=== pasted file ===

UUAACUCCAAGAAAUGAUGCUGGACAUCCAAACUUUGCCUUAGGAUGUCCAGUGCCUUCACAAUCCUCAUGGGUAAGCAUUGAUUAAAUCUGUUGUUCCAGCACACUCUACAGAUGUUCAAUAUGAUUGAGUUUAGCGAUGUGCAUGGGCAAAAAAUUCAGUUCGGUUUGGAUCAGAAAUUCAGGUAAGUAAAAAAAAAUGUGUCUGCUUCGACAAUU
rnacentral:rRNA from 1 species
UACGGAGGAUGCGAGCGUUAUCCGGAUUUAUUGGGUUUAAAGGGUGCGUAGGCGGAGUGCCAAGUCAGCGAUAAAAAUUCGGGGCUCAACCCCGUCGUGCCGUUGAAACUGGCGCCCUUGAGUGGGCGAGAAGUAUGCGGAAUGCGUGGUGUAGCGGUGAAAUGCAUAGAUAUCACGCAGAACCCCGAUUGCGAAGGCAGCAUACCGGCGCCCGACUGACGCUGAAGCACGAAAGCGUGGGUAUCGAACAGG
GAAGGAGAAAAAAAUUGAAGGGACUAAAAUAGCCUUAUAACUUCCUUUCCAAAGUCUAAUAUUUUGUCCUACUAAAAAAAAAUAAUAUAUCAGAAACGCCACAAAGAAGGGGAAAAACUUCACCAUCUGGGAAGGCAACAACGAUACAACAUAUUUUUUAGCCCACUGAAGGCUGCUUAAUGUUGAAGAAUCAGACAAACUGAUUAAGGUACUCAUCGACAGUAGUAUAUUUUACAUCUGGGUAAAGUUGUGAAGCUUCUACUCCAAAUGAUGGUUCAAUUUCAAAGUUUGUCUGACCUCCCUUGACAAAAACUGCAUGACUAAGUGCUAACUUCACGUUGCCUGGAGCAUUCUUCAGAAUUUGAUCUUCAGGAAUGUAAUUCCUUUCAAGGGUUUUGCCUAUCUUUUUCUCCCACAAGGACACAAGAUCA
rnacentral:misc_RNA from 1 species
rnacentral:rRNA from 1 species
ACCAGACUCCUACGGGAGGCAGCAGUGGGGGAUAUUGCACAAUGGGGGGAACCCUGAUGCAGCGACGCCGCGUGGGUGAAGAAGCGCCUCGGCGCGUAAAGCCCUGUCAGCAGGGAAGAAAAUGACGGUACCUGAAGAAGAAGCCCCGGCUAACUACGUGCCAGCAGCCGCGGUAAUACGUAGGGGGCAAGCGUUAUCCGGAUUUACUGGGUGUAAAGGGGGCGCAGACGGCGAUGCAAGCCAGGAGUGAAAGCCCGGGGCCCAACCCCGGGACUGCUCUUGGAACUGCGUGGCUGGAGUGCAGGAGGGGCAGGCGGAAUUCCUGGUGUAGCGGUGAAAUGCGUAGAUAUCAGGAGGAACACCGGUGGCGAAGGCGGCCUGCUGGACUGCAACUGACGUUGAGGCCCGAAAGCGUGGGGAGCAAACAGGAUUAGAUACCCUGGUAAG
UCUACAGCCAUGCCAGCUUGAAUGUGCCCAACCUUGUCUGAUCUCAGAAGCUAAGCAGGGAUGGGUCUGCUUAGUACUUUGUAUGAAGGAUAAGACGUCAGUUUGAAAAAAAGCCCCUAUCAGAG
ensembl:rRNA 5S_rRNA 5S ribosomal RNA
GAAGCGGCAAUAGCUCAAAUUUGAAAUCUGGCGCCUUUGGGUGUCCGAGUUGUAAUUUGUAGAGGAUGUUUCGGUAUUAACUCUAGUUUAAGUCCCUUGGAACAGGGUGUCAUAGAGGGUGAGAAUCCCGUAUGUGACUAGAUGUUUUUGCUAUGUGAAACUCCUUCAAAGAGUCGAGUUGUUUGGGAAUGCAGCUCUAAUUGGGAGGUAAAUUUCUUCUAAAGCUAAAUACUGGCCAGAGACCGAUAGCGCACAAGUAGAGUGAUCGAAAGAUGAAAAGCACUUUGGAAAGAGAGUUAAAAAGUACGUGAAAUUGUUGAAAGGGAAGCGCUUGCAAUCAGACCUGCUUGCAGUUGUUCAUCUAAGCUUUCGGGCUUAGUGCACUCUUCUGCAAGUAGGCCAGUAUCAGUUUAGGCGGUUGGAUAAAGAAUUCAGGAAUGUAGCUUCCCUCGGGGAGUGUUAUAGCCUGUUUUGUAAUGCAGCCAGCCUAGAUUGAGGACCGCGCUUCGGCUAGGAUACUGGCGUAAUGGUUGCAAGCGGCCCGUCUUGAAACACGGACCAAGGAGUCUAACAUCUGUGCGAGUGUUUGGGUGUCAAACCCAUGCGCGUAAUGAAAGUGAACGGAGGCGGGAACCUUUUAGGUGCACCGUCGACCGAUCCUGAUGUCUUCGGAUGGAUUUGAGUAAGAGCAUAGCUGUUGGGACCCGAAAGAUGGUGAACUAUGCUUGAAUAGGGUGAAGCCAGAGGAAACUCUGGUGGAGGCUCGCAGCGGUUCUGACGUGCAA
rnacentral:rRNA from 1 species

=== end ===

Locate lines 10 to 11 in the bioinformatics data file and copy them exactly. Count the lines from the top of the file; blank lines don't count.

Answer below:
GAAGCGGCAAUAGCUCAAAUUUGAAAUCUGGCGCCUUUGGGUGUCCGAGUUGUAAUUUGUAGAGGAUGUUUCGGUAUUAACUCUAGUUUAAGUCCCUUGGAACAGGGUGUCAUAGAGGGUGAGAAUCCCGUAUGUGACUAGAUGUUUUUGCUAUGUGAAACUCCUUCAAAGAGUCGAGUUGUUUGGGAAUGCAGCUCUAAUUGGGAGGUAAAUUUCUUCUAAAGCUAAAUACUGGCCAGAGACCGAUAGCGCACAAGUAGAGUGAUCGAAAGAUGAAAAGCACUUUGGAAAGAGAGUUAAAAAGUACGUGAAAUUGUUGAAAGGGAAGCGCUUGCAAUCAGACCUGCUUGCAGUUGUUCAUCUAAGCUUUCGGGCUUAGUGCACUCUUCUGCAAGUAGGCCAGUAUCAGUUUAGGCGGUUGGAUAAAGAAUUCAGGAAUGUAGCUUCCCUCGGGGAGUGUUAUAGCCUGUUUUGUAAUGCAGCCAGCCUAGAUUGAGGACCGCGCUUCGGCUAGGAUACUGGCGUAAUGGUUGCAAGCGGCCCGUCUUGAAACACGGACCAAGGAGUCUAACAUCUGUGCGAGUGUUUGGGUGUCAAACCCAUGCGCGUAAUGAAAGUGAACGGAGGCGGGAACCUUUUAGGUGCACCGUCGACCGAUCCUGAUGUCUUCGGAUGGAUUUGAGUAAGAGCAUAGCUGUUGGGACCCGAAAGAUGGUGAACUAUGCUUGAAUAGGGUGAAGCCAGAGGAAACUCUGGUGGAGGCUCGCAGCGGUUCUGACGUGCAA
rnacentral:rRNA from 1 species